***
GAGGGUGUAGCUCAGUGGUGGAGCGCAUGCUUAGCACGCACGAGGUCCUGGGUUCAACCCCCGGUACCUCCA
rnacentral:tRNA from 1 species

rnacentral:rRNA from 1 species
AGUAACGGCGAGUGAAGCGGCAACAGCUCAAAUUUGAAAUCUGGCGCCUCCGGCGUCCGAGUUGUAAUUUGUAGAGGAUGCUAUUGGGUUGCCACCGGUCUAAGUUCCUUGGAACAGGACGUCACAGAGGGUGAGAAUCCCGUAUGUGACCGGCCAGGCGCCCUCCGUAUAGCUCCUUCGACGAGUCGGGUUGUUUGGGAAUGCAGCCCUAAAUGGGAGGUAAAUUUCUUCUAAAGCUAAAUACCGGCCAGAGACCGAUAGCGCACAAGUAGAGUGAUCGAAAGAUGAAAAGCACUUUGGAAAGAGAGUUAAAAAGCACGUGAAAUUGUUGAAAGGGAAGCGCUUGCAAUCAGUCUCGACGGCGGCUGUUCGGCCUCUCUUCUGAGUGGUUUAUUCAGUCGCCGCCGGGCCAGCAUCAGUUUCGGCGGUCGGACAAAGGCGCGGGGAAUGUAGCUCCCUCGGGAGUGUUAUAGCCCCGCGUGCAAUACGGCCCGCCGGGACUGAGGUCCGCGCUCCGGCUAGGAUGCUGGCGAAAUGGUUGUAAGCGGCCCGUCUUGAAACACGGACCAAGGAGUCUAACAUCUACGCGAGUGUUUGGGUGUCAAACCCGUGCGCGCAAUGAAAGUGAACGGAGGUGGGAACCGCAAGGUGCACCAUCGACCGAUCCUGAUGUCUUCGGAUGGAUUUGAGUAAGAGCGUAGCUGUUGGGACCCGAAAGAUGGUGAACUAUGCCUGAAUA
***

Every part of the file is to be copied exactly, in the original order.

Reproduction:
GAGGGUGUAGCUCAGUGGUGGAGCGCAUGCUUAGCACGCACGAGGUCCUGGGUUCAACCCCCGGUACCUCCA
rnacentral:tRNA from 1 species

rnacentral:rRNA from 1 species
AGUAACGGCGAGUGAAGCGGCAACAGCUCAAAUUUGAAAUCUGGCGCCUCCGGCGUCCGAGUUGUAAUUUGUAGAGGAUGCUAUUGGGUUGCCACCGGUCUAAGUUCCUUGGAACAGGACGUCACAGAGGGUGAGAAUCCCGUAUGUGACCGGCCAGGCGCCCUCCGUAUAGCUCCUUCGACGAGUCGGGUUGUUUGGGAAUGCAGCCCUAAAUGGGAGGUAAAUUUCUUCUAAAGCUAAAUACCGGCCAGAGACCGAUAGCGCACAAGUAGAGUGAUCGAAAGAUGAAAAGCACUUUGGAAAGAGAGUUAAAAAGCACGUGAAAUUGUUGAAAGGGAAGCGCUUGCAAUCAGUCUCGACGGCGGCUGUUCGGCCUCUCUUCUGAGUGGUUUAUUCAGUCGCCGCCGGGCCAGCAUCAGUUUCGGCGGUCGGACAAAGGCGCGGGGAAUGUAGCUCCCUCGGGAGUGUUAUAGCCCCGCGUGCAAUACGGCCCGCCGGGACUGAGGUCCGCGCUCCGGCUAGGAUGCUGGCGAAAUGGUUGUAAGCGGCCCGUCUUGAAACACGGACCAAGGAGUCUAACAUCUACGCGAGUGUUUGGGUGUCAAACCCGUGCGCGCAAUGAAAGUGAACGGAGGUGGGAACCGCAAGGUGCACCAUCGACCGAUCCUGAUGUCUUCGGAUGGAUUUGAGUAAGAGCGUAGCUGUUGGGACCCGAAAGAUGGUGAACUAUGCCUGAAUA